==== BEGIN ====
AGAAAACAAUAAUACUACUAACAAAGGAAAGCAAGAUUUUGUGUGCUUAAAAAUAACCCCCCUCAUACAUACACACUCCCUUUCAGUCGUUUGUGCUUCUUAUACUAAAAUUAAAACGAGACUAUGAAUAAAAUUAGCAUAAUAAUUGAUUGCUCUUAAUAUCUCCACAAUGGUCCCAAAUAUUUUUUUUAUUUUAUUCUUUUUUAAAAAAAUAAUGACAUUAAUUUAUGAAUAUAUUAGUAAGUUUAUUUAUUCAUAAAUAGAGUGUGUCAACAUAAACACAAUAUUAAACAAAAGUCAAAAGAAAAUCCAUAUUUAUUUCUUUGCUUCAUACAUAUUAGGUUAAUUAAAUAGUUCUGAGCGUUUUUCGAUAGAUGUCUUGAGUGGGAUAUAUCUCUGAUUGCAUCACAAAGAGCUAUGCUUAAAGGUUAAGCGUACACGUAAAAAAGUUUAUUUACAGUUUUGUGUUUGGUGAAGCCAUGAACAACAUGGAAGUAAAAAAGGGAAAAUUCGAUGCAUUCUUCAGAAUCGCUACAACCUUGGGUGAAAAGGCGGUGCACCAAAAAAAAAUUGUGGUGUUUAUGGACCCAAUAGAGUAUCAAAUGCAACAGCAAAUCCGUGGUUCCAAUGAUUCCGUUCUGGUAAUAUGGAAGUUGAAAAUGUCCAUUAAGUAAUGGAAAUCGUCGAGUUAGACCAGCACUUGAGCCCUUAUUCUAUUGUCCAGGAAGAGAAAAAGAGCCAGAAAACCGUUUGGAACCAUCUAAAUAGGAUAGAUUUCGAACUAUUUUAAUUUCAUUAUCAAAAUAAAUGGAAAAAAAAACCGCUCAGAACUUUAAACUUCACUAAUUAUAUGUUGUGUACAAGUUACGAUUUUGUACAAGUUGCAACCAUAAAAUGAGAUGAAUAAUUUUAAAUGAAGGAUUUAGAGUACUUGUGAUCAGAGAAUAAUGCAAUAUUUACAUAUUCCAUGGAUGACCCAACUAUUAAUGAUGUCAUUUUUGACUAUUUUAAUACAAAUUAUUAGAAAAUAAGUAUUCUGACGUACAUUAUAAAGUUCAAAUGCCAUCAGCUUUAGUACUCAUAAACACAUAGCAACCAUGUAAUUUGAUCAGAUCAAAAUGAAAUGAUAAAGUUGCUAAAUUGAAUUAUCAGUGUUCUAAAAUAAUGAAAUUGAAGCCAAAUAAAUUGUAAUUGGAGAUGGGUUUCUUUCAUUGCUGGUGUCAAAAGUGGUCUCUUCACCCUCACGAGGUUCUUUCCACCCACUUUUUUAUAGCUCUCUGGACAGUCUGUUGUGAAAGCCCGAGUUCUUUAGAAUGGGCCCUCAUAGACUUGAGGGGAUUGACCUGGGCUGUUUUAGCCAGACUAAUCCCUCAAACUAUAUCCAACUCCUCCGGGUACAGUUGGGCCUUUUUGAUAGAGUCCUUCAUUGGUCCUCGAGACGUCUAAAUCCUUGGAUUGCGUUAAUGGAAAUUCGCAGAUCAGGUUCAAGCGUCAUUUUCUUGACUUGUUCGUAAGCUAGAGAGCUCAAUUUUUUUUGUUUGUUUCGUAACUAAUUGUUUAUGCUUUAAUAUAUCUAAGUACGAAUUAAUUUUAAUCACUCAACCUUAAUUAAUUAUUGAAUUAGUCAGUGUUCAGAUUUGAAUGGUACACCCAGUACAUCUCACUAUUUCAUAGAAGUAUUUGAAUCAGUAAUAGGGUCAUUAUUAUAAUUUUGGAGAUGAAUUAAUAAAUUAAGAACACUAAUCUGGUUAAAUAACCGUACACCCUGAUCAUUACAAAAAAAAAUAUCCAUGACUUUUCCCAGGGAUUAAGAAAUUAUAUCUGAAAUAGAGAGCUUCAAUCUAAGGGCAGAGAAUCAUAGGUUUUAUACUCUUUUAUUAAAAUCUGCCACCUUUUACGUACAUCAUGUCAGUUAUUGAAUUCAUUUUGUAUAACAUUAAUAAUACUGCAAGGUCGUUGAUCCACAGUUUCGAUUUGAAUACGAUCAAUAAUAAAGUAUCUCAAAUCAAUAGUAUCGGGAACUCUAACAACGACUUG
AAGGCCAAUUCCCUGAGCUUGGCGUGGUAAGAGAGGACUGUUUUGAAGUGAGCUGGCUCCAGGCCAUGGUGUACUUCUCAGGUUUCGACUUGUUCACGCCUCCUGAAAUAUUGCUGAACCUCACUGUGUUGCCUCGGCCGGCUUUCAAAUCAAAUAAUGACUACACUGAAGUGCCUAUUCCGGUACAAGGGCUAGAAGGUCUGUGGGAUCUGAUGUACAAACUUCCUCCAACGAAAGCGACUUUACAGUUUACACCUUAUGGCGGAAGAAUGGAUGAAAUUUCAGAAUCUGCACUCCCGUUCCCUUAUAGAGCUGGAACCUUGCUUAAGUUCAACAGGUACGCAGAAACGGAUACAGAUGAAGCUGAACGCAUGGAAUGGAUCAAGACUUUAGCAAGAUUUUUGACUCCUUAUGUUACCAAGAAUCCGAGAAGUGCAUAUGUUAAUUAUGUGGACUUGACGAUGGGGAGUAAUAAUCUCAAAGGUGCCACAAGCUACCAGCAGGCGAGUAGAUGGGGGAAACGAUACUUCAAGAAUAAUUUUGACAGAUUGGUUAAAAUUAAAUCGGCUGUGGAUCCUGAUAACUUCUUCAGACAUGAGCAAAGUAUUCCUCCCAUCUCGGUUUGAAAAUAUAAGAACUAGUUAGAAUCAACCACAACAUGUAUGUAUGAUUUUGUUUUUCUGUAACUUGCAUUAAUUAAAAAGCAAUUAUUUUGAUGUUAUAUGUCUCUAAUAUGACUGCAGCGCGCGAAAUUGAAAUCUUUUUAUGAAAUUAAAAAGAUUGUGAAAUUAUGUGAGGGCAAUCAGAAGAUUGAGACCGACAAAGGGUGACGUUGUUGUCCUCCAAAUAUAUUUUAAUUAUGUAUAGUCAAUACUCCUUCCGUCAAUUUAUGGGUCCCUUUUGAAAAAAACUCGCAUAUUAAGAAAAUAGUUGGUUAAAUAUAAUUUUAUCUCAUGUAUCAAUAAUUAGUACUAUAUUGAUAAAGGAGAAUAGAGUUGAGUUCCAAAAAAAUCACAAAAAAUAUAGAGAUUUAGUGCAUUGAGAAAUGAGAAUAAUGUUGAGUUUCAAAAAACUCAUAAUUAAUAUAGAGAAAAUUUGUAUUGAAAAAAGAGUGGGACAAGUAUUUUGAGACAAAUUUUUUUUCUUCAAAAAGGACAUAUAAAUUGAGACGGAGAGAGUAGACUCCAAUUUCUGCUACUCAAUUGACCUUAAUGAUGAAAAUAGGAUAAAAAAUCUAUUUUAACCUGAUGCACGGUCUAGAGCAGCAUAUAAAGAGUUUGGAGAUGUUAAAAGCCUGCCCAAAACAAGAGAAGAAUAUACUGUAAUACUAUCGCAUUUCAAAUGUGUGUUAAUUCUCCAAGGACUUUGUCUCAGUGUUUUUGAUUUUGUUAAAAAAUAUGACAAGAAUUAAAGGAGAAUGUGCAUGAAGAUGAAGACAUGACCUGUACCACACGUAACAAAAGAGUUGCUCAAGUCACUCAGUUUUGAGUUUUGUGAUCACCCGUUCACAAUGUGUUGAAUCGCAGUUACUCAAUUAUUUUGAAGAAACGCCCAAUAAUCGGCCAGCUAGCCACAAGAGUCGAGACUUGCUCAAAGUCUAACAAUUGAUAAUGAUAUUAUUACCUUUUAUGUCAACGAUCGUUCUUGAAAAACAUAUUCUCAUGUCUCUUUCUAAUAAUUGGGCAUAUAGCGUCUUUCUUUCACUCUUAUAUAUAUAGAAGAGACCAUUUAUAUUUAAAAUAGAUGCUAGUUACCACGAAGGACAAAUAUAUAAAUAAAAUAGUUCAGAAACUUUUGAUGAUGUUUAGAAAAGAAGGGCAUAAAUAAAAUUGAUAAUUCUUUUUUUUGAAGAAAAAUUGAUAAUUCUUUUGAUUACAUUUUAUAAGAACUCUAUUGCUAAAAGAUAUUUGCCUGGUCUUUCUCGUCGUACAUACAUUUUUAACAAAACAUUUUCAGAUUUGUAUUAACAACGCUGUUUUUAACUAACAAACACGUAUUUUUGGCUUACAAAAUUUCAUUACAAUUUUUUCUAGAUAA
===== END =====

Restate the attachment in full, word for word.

AGAAAACAAUAAUACUACUAACAAAGGAAAGCAAGAUUUUGUGUGCUUAAAAAUAACCCCCCUCAUACAUACACACUCCCUUUCAGUCGUUUGUGCUUCUUAUACUAAAAUUAAAACGAGACUAUGAAUAAAAUUAGCAUAAUAAUUGAUUGCUCUUAAUAUCUCCACAAUGGUCCCAAAUAUUUUUUUUAUUUUAUUCUUUUUUAAAAAAAUAAUGACAUUAAUUUAUGAAUAUAUUAGUAAGUUUAUUUAUUCAUAAAUAGAGUGUGUCAACAUAAACACAAUAUUAAACAAAAGUCAAAAGAAAAUCCAUAUUUAUUUCUUUGCUUCAUACAUAUUAGGUUAAUUAAAUAGUUCUGAGCGUUUUUCGAUAGAUGUCUUGAGUGGGAUAUAUCUCUGAUUGCAUCACAAAGAGCUAUGCUUAAAGGUUAAGCGUACACGUAAAAAAGUUUAUUUACAGUUUUGUGUUUGGUGAAGCCAUGAACAACAUGGAAGUAAAAAAGGGAAAAUUCGAUGCAUUCUUCAGAAUCGCUACAACCUUGGGUGAAAAGGCGGUGCACCAAAAAAAAAUUGUGGUGUUUAUGGACCCAAUAGAGUAUCAAAUGCAACAGCAAAUCCGUGGUUCCAAUGAUUCCGUUCUGGUAAUAUGGAAGUUGAAAAUGUCCAUUAAGUAAUGGAAAUCGUCGAGUUAGACCAGCACUUGAGCCCUUAUUCUAUUGUCCAGGAAGAGAAAAAGAGCCAGAAAACCGUUUGGAACCAUCUAAAUAGGAUAGAUUUCGAACUAUUUUAAUUUCAUUAUCAAAAUAAAUGGAAAAAAAAACCGCUCAGAACUUUAAACUUCACUAAUUAUAUGUUGUGUACAAGUUACGAUUUUGUACAAGUUGCAACCAUAAAAUGAGAUGAAUAAUUUUAAAUGAAGGAUUUAGAGUACUUGUGAUCAGAGAAUAAUGCAAUAUUUACAUAUUCCAUGGAUGACCCAACUAUUAAUGAUGUCAUUUUUGACUAUUUUAAUACAAAUUAUUAGAAAAUAAGUAUUCUGACGUACAUUAUAAAGUUCAAAUGCCAUCAGCUUUAGUACUCAUAAACACAUAGCAACCAUGUAAUUUGAUCAGAUCAAAAUGAAAUGAUAAAGUUGCUAAAUUGAAUUAUCAGUGUUCUAAAAUAAUGAAAUUGAAGCCAAAUAAAUUGUAAUUGGAGAUGGGUUUCUUUCAUUGCUGGUGUCAAAAGUGGUCUCUUCACCCUCACGAGGUUCUUUCCACCCACUUUUUUAUAGCUCUCUGGACAGUCUGUUGUGAAAGCCCGAGUUCUUUAGAAUGGGCCCUCAUAGACUUGAGGGGAUUGACCUGGGCUGUUUUAGCCAGACUAAUCCCUCAAACUAUAUCCAACUCCUCCGGGUACAGUUGGGCCUUUUUGAUAGAGUCCUUCAUUGGUCCUCGAGACGUCUAAAUCCUUGGAUUGCGUUAAUGGAAAUUCGCAGAUCAGGUUCAAGCGUCAUUUUCUUGACUUGUUCGUAAGCUAGAGAGCUCAAUUUUUUUUGUUUGUUUCGUAACUAAUUGUUUAUGCUUUAAUAUAUCUAAGUACGAAUUAAUUUUAAUCACUCAACCUUAAUUAAUUAUUGAAUUAGUCAGUGUUCAGAUUUGAAUGGUACACCCAGUACAUCUCACUAUUUCAUAGAAGUAUUUGAAUCAGUAAUAGGGUCAUUAUUAUAAUUUUGGAGAUGAAUUAAUAAAUUAAGAACACUAAUCUGGUUAAAUAACCGUACACCCUGAUCAUUACAAAAAAAAAUAUCCAUGACUUUUCCCAGGGAUUAAGAAAUUAUAUCUGAAAUAGAGAGCUUCAAUCUAAGGGCAGAGAAUCAUAGGUUUUAUACUCUUUUAUUAAAAUCUGCCACCUUUUACGUACAUCAUGUCAGUUAUUGAAUUCAUUUUGUAUAACAUUAAUAAUACUGCAAGGUCGUUGAUCCACAGUUUCGAUUUGAAUACGAUCAAUAAUAAAGUAUCUCAAAUCAAUAGUAUCGGGAACUCUAACAACGACUUG
AAGGCCAAUUCCCUGAGCUUGGCGUGGUAAGAGAGGACUGUUUUGAAGUGAGCUGGCUCCAGGCCAUGGUGUACUUCUCAGGUUUCGACUUGUUCACGCCUCCUGAAAUAUUGCUGAACCUCACUGUGUUGCCUCGGCCGGCUUUCAAAUCAAAUAAUGACUACACUGAAGUGCCUAUUCCGGUACAAGGGCUAGAAGGUCUGUGGGAUCUGAUGUACAAACUUCCUCCAACGAAAGCGACUUUACAGUUUACACCUUAUGGCGGAAGAAUGGAUGAAAUUUCAGAAUCUGCACUCCCGUUCCCUUAUAGAGCUGGAACCUUGCUUAAGUUCAACAGGUACGCAGAAACGGAUACAGAUGAAGCUGAACGCAUGGAAUGGAUCAAGACUUUAGCAAGAUUUUUGACUCCUUAUGUUACCAAGAAUCCGAGAAGUGCAUAUGUUAAUUAUGUGGACUUGACGAUGGGGAGUAAUAAUCUCAAAGGUGCCACAAGCUACCAGCAGGCGAGUAGAUGGGGGAAACGAUACUUCAAGAAUAAUUUUGACAGAUUGGUUAAAAUUAAAUCGGCUGUGGAUCCUGAUAACUUCUUCAGACAUGAGCAAAGUAUUCCUCCCAUCUCGGUUUGAAAAUAUAAGAACUAGUUAGAAUCAACCACAACAUGUAUGUAUGAUUUUGUUUUUCUGUAACUUGCAUUAAUUAAAAAGCAAUUAUUUUGAUGUUAUAUGUCUCUAAUAUGACUGCAGCGCGCGAAAUUGAAAUCUUUUUAUGAAAUUAAAAAGAUUGUGAAAUUAUGUGAGGGCAAUCAGAAGAUUGAGACCGACAAAGGGUGACGUUGUUGUCCUCCAAAUAUAUUUUAAUUAUGUAUAGUCAAUACUCCUUCCGUCAAUUUAUGGGUCCCUUUUGAAAAAAACUCGCAUAUUAAGAAAAUAGUUGGUUAAAUAUAAUUUUAUCUCAUGUAUCAAUAAUUAGUACUAUAUUGAUAAAGGAGAAUAGAGUUGAGUUCCAAAAAAAUCACAAAAAAUAUAGAGAUUUAGUGCAUUGAGAAAUGAGAAUAAUGUUGAGUUUCAAAAAACUCAUAAUUAAUAUAGAGAAAAUUUGUAUUGAAAAAAGAGUGGGACAAGUAUUUUGAGACAAAUUUUUUUUCUUCAAAAAGGACAUAUAAAUUGAGACGGAGAGAGUAGACUCCAAUUUCUGCUACUCAAUUGACCUUAAUGAUGAAAAUAGGAUAAAAAAUCUAUUUUAACCUGAUGCACGGUCUAGAGCAGCAUAUAAAGAGUUUGGAGAUGUUAAAAGCCUGCCCAAAACAAGAGAAGAAUAUACUGUAAUACUAUCGCAUUUCAAAUGUGUGUUAAUUCUCCAAGGACUUUGUCUCAGUGUUUUUGAUUUUGUUAAAAAAUAUGACAAGAAUUAAAGGAGAAUGUGCAUGAAGAUGAAGACAUGACCUGUACCACACGUAACAAAAGAGUUGCUCAAGUCACUCAGUUUUGAGUUUUGUGAUCACCCGUUCACAAUGUGUUGAAUCGCAGUUACUCAAUUAUUUUGAAGAAACGCCCAAUAAUCGGCCAGCUAGCCACAAGAGUCGAGACUUGCUCAAAGUCUAACAAUUGAUAAUGAUAUUAUUACCUUUUAUGUCAACGAUCGUUCUUGAAAAACAUAUUCUCAUGUCUCUUUCUAAUAAUUGGGCAUAUAGCGUCUUUCUUUCACUCUUAUAUAUAUAGAAGAGACCAUUUAUAUUUAAAAUAGAUGCUAGUUACCACGAAGGACAAAUAUAUAAAUAAAAUAGUUCAGAAACUUUUGAUGAUGUUUAGAAAAGAAGGGCAUAAAUAAAAUUGAUAAUUCUUUUUUUUGAAGAAAAAUUGAUAAUUCUUUUGAUUACAUUUUAUAAGAACUCUAUUGCUAAAAGAUAUUUGCCUGGUCUUUCUCGUCGUACAUACAUUUUUAACAAAACAUUUUCAGAUUUGUAUUAACAACGCUGUUUUUAACUAACAAACACGUAUUUUUGGCUUACAAAAUUUCAUUACAAUUUUUUCUAGAUAA